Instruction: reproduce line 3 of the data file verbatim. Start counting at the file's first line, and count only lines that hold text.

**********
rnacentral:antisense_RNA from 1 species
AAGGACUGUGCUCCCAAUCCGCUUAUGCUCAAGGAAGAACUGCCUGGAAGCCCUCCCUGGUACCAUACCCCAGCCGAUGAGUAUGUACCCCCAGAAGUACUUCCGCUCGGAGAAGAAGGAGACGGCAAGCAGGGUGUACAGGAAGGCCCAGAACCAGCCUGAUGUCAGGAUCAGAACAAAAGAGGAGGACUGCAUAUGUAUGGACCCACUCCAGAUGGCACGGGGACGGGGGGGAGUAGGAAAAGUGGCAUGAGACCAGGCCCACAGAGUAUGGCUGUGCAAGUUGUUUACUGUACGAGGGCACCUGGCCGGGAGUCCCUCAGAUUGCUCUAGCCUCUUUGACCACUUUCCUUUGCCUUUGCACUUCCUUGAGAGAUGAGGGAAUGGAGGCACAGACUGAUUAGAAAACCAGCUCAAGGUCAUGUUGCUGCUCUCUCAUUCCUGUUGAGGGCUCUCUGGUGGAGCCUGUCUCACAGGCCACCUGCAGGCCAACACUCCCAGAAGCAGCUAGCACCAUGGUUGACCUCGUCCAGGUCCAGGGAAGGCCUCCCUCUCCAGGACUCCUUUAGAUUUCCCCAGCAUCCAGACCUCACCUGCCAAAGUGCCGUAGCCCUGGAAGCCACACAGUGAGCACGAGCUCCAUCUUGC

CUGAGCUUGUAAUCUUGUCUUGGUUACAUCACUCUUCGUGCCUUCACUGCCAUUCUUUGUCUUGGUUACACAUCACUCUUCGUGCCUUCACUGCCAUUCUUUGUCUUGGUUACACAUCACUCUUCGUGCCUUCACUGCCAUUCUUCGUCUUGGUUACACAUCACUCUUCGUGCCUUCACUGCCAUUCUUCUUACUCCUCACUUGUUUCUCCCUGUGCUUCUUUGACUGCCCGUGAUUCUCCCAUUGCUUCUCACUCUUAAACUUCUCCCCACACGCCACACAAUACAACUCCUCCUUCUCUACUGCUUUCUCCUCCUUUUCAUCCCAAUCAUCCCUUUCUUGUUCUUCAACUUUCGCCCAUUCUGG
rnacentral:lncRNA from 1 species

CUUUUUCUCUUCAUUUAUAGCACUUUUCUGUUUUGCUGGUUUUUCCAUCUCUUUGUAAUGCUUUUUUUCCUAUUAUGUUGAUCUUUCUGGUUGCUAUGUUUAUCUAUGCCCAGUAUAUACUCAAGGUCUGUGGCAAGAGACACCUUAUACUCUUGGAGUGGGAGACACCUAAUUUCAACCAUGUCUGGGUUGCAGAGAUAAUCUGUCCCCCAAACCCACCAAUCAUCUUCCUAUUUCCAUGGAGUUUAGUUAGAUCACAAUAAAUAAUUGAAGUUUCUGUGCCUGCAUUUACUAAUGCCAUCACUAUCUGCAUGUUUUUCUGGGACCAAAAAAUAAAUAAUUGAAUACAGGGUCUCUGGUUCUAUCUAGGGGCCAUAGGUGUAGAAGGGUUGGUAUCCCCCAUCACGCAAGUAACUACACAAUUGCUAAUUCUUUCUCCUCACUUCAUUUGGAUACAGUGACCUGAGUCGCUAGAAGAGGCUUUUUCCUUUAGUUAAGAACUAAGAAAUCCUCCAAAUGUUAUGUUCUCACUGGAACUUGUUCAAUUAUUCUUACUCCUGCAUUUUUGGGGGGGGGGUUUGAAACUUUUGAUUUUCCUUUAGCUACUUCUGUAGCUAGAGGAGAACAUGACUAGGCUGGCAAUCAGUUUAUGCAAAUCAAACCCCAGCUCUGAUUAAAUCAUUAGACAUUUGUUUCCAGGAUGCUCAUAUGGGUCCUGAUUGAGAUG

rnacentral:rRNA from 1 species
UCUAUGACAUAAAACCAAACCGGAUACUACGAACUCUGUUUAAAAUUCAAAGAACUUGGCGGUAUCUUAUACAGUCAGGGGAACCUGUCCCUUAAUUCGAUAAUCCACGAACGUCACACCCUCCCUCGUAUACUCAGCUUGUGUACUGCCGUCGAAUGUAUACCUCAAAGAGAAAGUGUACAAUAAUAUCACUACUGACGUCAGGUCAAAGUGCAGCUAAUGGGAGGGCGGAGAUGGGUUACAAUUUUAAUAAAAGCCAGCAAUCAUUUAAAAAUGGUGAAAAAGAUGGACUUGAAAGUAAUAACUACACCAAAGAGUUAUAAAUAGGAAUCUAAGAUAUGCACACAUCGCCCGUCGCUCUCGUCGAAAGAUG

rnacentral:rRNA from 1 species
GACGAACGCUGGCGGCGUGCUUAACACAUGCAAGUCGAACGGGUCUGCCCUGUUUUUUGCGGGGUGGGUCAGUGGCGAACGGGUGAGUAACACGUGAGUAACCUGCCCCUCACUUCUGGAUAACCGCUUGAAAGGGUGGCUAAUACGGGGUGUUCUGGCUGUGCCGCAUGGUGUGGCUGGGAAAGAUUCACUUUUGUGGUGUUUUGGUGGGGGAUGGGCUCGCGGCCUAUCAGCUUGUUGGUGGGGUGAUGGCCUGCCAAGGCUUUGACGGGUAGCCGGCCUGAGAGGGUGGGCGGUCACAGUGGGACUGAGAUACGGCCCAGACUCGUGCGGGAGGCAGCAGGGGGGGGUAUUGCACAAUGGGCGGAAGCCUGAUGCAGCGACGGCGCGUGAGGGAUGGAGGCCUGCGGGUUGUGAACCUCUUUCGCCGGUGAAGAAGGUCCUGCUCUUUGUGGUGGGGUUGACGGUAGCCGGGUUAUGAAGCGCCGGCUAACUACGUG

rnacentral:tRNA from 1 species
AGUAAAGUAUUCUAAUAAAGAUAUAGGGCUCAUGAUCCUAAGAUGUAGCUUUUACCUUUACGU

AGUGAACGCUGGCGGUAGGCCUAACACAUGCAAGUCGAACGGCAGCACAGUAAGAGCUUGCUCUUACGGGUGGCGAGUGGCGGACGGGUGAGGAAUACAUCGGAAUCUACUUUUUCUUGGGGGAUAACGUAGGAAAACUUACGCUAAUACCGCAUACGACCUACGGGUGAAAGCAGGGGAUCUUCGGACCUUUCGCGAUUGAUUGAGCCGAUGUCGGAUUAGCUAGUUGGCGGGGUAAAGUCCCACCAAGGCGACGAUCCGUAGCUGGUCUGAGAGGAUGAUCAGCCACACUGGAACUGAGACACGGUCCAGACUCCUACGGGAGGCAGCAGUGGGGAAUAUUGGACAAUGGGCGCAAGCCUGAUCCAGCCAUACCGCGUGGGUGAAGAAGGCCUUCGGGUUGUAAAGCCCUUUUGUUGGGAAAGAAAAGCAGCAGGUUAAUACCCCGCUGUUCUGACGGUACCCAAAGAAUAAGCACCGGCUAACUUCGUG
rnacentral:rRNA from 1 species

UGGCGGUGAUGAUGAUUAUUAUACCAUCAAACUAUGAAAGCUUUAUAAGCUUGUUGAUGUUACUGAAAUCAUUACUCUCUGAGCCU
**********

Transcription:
CUGAGCUUGUAAUCUUGUCUUGGUUACAUCACUCUUCGUGCCUUCACUGCCAUUCUUUGUCUUGGUUACACAUCACUCUUCGUGCCUUCACUGCCAUUCUUUGUCUUGGUUACACAUCACUCUUCGUGCCUUCACUGCCAUUCUUCGUCUUGGUUACACAUCACUCUUCGUGCCUUCACUGCCAUUCUUCUUACUCCUCACUUGUUUCUCCCUGUGCUUCUUUGACUGCCCGUGAUUCUCCCAUUGCUUCUCACUCUUAAACUUCUCCCCACACGCCACACAAUACAACUCCUCCUUCUCUACUGCUUUCUCCUCCUUUUCAUCCCAAUCAUCCCUUUCUUGUUCUUCAACUUUCGCCCAUUCUGG